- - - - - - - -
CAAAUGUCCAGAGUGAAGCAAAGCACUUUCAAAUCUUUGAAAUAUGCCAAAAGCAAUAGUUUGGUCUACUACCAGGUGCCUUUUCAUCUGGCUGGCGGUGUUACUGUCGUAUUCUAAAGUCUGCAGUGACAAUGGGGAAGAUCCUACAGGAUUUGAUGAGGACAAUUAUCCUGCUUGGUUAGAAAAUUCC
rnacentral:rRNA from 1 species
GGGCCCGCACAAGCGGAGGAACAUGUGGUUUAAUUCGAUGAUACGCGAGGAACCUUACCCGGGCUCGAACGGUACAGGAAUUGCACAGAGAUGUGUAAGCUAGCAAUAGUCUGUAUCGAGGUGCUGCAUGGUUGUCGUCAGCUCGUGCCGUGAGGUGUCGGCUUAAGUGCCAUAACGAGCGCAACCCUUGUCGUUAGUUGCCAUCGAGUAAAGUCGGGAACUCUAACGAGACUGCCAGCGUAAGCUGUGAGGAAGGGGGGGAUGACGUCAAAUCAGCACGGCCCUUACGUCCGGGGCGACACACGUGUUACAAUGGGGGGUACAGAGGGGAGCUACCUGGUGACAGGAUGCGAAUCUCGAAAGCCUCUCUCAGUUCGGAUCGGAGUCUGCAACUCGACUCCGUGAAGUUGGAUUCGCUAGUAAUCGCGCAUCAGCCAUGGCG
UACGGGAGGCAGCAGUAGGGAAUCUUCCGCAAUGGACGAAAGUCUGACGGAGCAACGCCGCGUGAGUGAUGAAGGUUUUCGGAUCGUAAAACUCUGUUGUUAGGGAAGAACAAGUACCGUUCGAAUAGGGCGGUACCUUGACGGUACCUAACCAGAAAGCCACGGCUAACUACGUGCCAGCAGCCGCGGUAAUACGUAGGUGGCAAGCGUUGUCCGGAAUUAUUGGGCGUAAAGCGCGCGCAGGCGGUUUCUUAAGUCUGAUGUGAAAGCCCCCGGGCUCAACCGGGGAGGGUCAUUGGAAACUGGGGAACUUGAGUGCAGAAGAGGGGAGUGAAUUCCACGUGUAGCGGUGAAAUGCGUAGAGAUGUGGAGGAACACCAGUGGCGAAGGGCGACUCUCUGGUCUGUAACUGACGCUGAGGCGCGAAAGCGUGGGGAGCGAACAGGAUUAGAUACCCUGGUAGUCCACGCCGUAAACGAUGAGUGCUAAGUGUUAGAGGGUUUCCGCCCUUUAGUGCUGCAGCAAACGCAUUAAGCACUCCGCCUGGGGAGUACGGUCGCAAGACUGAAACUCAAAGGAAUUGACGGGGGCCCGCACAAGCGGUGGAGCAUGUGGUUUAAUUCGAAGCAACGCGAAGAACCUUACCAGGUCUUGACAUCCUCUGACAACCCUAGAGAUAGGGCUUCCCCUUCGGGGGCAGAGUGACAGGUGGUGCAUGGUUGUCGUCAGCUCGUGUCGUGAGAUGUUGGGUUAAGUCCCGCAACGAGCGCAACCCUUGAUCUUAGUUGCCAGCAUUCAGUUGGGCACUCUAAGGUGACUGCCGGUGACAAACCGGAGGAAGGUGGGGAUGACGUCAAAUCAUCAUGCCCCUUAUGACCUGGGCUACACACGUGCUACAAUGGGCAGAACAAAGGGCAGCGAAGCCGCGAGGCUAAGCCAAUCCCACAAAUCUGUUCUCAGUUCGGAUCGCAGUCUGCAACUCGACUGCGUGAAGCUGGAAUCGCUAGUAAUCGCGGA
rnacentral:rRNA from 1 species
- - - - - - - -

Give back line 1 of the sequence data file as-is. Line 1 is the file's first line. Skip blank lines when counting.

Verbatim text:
CAAAUGUCCAGAGUGAAGCAAAGCACUUUCAAAUCUUUGAAAUAUGCCAAAAGCAAUAGUUUGGUCUACUACCAGGUGCCUUUUCAUCUGGCUGGCGGUGUUACUGUCGUAUUCUAAAGUCUGCAGUGACAAUGGGGAAGAUCCUACAGGAUUUGAUGAGGACAAUUAUCCUGCUUGGUUAGAAAAUUCC